Here is my quick laundry list as to what needs to be done to ensure that your weekend adventurism thought of a startup transforms into a reality, and takes shape of a profitable & sustainable venture.

1. Do not commit immediately, but simply express an interest into an idea.

2. Go back to your study room, and get into a researcher or investigators role. Google out if such an idea has been implemented else where or not?

3. Do a lot of reading to understand the inventiveness and uniqueness of the idea, its pros and cons from a business point of view.

4. Consult or discuss with the startup experts, mentors, share the idea with trusted friends, colleagues and get their views.

5. Assess if this is a right time for you to jump into it from all possible angles - professionally, economically, from a time management point of view, from a status of relationship point of view, emotionally. Most importantly ask a question "Are You Ready to Give Your 100% for the idea, and for its success?".

6. If the idea of a startup is yours develop a background paper with 'Why this Startup?', 'What is so Inventive or Innovative or Unique about it?', business plan with vision and Mission, objectives, mile stones, risk assessment, evacuation plan, potential investors, how does it fit into purpose of my life? Not only you prepare this for yourself but also share with other members who have shown an interest.

7. If the idea of a startup is not yours, then demand for a detailed background paper as described above from who so ever proposed the idea, before you commit to it. Don't rush, take your time to study it. Make notes, ask questions. Don't shy away from asking tough and uncomfortable questions. After all, you will be investing a lot into it. There are no silly questions - all is fare in love and war, and startup is a venture of love and war in many ways.

8. Revise the document collectively. Put down roles & responsibilities of each one of the founding members of this venture. Don't keep or leave gray areas. Don't shy away from saying NO or questioning a team members ability or credibility for a task he/she is taking up.

9. Even before you sign on the dotted line and put your contribution on table, draft a vision & mission statement that is agreeable to all partners. I would go a step further and demand for a startup pledge to be drafted that brings in higher degree of commitment from each founding members.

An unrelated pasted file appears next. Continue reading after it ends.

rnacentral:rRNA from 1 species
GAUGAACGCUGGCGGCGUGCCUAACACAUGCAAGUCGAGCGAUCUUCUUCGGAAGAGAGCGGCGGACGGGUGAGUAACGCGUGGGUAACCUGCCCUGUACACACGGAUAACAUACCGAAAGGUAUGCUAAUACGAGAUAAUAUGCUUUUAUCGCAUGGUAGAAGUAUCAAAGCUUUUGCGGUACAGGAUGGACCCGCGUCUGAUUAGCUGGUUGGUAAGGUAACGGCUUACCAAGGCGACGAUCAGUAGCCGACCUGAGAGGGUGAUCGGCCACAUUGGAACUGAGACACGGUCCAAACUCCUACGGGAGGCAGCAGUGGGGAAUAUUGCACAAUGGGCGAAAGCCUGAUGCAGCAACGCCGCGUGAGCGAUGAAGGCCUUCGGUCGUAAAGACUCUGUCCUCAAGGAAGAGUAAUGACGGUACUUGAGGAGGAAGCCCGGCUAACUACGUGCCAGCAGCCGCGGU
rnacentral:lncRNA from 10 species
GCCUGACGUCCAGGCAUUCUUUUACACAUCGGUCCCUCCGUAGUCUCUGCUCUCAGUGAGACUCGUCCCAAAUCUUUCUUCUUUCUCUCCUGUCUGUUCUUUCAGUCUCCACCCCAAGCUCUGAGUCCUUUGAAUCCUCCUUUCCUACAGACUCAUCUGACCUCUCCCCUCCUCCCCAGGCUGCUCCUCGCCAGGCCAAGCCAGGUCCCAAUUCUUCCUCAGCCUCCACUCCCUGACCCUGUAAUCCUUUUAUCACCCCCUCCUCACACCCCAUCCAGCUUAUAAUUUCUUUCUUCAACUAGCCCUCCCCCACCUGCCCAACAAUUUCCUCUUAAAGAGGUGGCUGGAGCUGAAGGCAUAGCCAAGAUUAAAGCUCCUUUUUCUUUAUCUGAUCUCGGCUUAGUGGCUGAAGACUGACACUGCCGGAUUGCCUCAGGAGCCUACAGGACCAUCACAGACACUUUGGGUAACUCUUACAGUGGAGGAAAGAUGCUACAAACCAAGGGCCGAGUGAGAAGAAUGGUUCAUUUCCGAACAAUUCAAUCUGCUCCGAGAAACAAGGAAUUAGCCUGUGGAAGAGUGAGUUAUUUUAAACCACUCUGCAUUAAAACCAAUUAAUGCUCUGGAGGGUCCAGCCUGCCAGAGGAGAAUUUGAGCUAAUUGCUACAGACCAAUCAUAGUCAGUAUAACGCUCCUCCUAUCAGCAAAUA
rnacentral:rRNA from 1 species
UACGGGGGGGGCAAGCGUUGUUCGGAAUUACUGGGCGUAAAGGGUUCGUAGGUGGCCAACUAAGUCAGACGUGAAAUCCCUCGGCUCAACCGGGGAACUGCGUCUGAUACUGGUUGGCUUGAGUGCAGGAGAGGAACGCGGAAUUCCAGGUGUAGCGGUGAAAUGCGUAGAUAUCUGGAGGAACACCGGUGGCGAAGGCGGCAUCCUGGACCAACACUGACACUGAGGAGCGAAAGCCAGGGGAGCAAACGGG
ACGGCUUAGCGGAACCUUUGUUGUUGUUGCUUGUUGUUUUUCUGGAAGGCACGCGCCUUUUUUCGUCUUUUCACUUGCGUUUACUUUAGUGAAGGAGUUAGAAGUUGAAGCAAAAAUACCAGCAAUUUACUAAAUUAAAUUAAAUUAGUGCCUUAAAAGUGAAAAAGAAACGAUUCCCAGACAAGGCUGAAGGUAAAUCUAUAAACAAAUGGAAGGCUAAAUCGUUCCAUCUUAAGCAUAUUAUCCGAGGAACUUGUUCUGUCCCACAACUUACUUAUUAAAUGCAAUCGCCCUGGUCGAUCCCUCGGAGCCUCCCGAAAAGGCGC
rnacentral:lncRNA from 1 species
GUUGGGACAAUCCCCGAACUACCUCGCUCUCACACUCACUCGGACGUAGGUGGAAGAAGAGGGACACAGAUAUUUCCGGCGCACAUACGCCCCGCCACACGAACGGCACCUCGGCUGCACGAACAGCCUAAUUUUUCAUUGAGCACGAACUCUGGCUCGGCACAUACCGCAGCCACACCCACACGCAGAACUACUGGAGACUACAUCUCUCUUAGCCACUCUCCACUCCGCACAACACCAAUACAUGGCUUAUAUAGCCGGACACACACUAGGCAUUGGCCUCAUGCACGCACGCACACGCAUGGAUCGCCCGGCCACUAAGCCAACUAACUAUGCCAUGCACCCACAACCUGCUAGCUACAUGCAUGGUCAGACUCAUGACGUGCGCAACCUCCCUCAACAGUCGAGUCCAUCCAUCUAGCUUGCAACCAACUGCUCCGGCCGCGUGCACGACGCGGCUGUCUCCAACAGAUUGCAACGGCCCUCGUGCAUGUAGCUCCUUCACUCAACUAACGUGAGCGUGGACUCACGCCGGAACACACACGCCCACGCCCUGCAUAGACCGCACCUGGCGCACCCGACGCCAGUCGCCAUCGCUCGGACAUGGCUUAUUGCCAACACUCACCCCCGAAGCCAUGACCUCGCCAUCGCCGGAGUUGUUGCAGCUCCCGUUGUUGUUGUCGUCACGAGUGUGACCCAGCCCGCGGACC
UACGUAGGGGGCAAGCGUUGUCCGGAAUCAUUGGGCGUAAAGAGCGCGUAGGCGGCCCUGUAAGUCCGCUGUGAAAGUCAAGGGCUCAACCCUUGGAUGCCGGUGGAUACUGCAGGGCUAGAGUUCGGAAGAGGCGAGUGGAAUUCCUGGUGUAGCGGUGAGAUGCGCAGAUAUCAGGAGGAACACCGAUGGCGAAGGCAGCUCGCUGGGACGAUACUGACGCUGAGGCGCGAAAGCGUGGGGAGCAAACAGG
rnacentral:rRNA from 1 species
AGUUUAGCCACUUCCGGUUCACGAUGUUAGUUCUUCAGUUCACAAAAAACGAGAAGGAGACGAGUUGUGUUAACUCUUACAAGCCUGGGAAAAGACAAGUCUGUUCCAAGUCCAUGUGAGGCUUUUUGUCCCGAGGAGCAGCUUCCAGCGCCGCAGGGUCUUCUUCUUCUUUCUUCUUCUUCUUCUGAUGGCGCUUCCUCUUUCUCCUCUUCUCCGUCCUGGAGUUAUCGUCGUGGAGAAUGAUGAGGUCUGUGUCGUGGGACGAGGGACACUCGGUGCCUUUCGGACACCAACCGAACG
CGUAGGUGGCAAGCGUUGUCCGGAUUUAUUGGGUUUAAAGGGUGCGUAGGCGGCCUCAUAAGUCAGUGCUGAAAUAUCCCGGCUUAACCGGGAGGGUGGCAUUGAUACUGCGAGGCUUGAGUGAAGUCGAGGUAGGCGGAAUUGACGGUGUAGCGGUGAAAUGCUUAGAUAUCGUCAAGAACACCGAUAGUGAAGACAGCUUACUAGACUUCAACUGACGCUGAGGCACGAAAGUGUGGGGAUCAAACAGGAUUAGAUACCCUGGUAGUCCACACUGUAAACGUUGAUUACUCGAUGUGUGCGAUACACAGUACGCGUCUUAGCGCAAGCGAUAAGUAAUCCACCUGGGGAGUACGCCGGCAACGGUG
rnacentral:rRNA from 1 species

These are some of the early steps prior to committing to a startup venture.

Why I propose such an academic approach?

Many of you may feel that what I have described is a bit stringent academic approach and all this is not essential - after all we all know each other and we are friends?

Friendship and professionalism don't go together especially when finances are involved in it. Thus, it is better to be clear about even a smallest doubt at the beginning itself - rather than regretting later on.

With my experience of witnessing startups rising and falling, I can say with great degree of confidence that above referred approach may sound academic and time consuming, but it is your insurance to save an accident to happen.

Startups with well thought vision, strategic planning, meticulous implementation and high degree of commitments, have better chances of succeeding.


Startup can be a weekend investment with vision, planning and meticulous implementation. Then has a potential to soar to a height of unlimited success.

Courtesy: www.vishwasutras.com

LinkedIN: Vishwas Chavan

About the Author: Vishwas Chavan is the author of the best selling book "VishwaSutras: Universal Principles for Living".

Vishwas can be reached at vishwas@vishwasutras.com


Vishwas Chavan
Vishwas Chavan is the author of the best selling book "VishwaSutras: Universal Principles for Living". Vishwas can be reached at vishwas@vishwasutras.com.

Vishwas Chavan is the author of the best selling book "VishwaSutras: Universal Principles for Living". Vishwas can be reached at vishwas@vishwasutras.com.